Home > News Release > 2012 > New Way of Transmitting Information by Audio Frequency Yamaha and Showa University School of Medicine Conclude Joint Research into Human Body’s Stress Response to INFOSOUND™

New Way of Transmitting Information by Audio Frequency
Yamaha and Showa University School of Medicine Conclude
Joint Research into Human Body’s Stress Response to INFOSOUND™

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Yamaha Corporation (Head Office: 10-1, Nakazawa-cho, Naka-ku, Hamamatsu, Shizuoka Prefecture, Japan; President: Mitsuru Umemura) announces that it has conducted joint research with Showa University (1-5-8 Hatanodai, Shinagawa-ku, Tokyo; President: Takashi Katagiri) into the effects on the human body of INFOSOUND, the Yamaha-developed means of transmitting digital information using the very high audio frequency sound range. Professor Seiji Shiota and Visiting Professor Kazue Sato of the Showa University School of Medicine’s Department of Anatomy I conducted the research, which verified that “INFOSOUND signals do not cause an unacceptable increase in stress at the volume levels normally used in communication.”

Background and Aims

Yamaha has been advancing the research and development of INFOSOUND acoustic information transmission technology since 2008. The transmission of information using sound waves has three main benefits in that they enable the use of conventional speaker equipment; the simultaneous delivery of data to multiple receivers (one-to-many data delivery); and control of the range of access by volume and speaker directionality. INFOSOUND is expected to have applications in a wide range of fields, including broadcasting, usage at shops and public facilities as well as incorporation into all kinds of digital signage and music CDs. As acoustic communication will come into wider use going forward, it is only natural that there should be requirements that the sound signals used not have an adverse effect on the human body. The 18.6kHz–20.6kHz frequencies normally used with INFOSOUND are inaudible to the majority of people. Furthermore, the communication technology is based on a form of spread-spectrum system (diffusing and transmitting digital signals in a broader band) that requires a lower volume for communication when compared with other acoustic information transmission technology. In light of the variety of past research results and documents on the subject, it is thus considered that there exists no possibility of any harmful physical effect on the auditory organs.

Apart from the abovementioned physical effect on the auditory organs, this study looked into whether the presence of the INFOSOUND acoustic signal in any way places the human body under stress, regardless of the presence or absence of perception of “sound.”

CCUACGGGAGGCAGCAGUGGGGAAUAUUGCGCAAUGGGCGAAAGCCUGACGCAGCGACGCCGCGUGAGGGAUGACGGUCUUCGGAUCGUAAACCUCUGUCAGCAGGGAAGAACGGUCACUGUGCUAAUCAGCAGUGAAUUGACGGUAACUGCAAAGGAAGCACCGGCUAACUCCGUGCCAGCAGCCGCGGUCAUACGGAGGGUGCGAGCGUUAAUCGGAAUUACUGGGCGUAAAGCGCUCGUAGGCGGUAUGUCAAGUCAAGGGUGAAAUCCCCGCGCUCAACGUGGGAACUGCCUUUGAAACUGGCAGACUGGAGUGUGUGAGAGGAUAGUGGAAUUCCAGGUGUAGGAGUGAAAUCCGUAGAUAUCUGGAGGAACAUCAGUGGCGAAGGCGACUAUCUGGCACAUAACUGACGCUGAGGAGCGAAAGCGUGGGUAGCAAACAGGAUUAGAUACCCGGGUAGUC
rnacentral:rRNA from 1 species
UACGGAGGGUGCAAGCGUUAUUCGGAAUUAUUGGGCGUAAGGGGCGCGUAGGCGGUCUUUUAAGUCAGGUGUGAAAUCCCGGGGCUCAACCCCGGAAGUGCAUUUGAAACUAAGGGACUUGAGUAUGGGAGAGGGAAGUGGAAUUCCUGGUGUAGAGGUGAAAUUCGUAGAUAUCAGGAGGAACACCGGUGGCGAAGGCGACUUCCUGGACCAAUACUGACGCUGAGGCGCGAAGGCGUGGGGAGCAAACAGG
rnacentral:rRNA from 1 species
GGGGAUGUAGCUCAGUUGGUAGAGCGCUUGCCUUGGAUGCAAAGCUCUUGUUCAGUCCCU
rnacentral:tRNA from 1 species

Study Content and Results

Dates on which studies were performed November 7, 2011 (Adults); April 4, 2012 (Children)
Those surveyed 15 adults (in their 20s through their 50s), 18 children (from 1 to their teens)
Survey content Saliva was collected from each of those surveyed before and after transmitting an INFOSOUND acoustic signal. The anti-oxidation of the salivary component stress marker (cortisol) was then measured.
Survey results No stress response to the INFOSOUND acoustic signal was observed in either adults or children.

Note: There are plans to publish the results of this research after detailed analysis.

Having received the results of the survey, Yamaha will proceed with its aim to install INFOSOUND widely as an acoustic communication system that can be safely utilized. As smartphones rapidly become more widespread and more established in people’s lives, Yamaha will target the realization of more convenient and pleasant lifestyles in response to the growing need for combined online-offline services.

What Is INFOSOUND?

INFOSOUND is a Yamaha proprietary technology that transmits digital information modulated into sound signals. Using the very high frequency sound range enables the transmission of data at frequencies that are almost inaudible to the human ear. The INFOSOUND system sends short information codes (acoustic IDs) from speakers that are received by the microphones in mobile terminals. By using a mechanism that in conjunction with a server converts the acoustic IDs into URL information, users in the vicinity of the speaker are able to pick up coupons or access e-commerce sites and be offered services enabling them to do their shopping.

For further information, please contact

Yamaha Corporation

Members of the press and media

Corporate Communications Division, Public Relations Group

  • 2-17-11 Takanawa, Minato-ku, Tokyo 108-8568, Japan
  • Telephone: +81-3-5488-6601
  • E-mail: pr-contacts@gmx.yamaha.com
Members of the general public

INFOSOUND Project, yamaha+ Division

  • 2-17-11 Takanawa, Minato-ku, Tokyo 108-8568, Japan
  • Telephone: +81-3-5488-5070

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